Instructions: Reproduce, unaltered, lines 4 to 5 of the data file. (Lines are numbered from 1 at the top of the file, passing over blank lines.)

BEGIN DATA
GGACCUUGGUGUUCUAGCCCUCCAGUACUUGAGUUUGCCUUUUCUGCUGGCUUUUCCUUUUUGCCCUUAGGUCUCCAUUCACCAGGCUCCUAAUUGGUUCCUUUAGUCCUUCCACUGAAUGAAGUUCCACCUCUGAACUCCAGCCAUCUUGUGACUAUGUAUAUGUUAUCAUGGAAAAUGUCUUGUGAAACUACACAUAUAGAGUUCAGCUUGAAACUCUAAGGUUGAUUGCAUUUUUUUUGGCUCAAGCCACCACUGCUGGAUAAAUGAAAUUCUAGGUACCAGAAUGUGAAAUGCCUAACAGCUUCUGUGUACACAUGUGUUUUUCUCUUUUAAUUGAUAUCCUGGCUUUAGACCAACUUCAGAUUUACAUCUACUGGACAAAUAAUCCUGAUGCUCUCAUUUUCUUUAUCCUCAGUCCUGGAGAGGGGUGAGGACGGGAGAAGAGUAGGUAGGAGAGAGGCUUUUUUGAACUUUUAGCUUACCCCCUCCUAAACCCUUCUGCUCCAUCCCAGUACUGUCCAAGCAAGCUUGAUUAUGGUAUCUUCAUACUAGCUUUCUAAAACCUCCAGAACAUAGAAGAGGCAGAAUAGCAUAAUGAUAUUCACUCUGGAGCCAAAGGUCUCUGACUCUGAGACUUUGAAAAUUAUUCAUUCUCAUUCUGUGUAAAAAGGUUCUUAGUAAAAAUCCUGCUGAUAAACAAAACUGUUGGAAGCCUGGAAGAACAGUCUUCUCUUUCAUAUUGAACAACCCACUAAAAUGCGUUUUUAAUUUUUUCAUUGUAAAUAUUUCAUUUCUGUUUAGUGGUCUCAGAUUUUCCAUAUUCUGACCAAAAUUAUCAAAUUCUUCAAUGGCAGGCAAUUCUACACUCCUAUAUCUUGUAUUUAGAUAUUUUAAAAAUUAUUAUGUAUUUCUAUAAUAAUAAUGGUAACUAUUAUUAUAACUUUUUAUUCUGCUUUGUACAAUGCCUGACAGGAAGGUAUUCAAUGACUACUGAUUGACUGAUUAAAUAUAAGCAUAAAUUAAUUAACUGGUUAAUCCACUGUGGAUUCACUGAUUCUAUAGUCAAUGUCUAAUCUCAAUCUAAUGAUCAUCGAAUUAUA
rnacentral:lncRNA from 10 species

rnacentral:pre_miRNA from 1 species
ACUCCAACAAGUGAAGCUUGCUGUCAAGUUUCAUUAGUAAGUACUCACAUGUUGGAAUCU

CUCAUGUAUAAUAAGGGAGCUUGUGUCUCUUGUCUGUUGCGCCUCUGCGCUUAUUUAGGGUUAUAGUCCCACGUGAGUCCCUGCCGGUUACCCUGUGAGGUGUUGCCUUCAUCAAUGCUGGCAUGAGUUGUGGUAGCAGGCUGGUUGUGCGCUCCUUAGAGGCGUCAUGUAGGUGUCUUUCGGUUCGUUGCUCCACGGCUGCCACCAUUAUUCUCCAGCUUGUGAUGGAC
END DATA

ACUCCAACAAGUGAAGCUUGCUGUCAAGUUUCAUUAGUAAGUACUCACAUGUUGGAAUCU

CUCAUGUAUAAUAAGGGAGCUUGUGUCUCUUGUCUGUUGCGCCUCUGCGCUUAUUUAGGGUUAUAGUCCCACGUGAGUCCCUGCCGGUUACCCUGUGAGGUGUUGCCUUCAUCAAUGCUGGCAUGAGUUGUGGUAGCAGGCUGGUUGUGCGCUCCUUAGAGGCGUCAUGUAGGUGUCUUUCGGUUCGUUGCUCCACGGCUGCCACCAUUAUUCUCCAGCUUGUGAUGGAC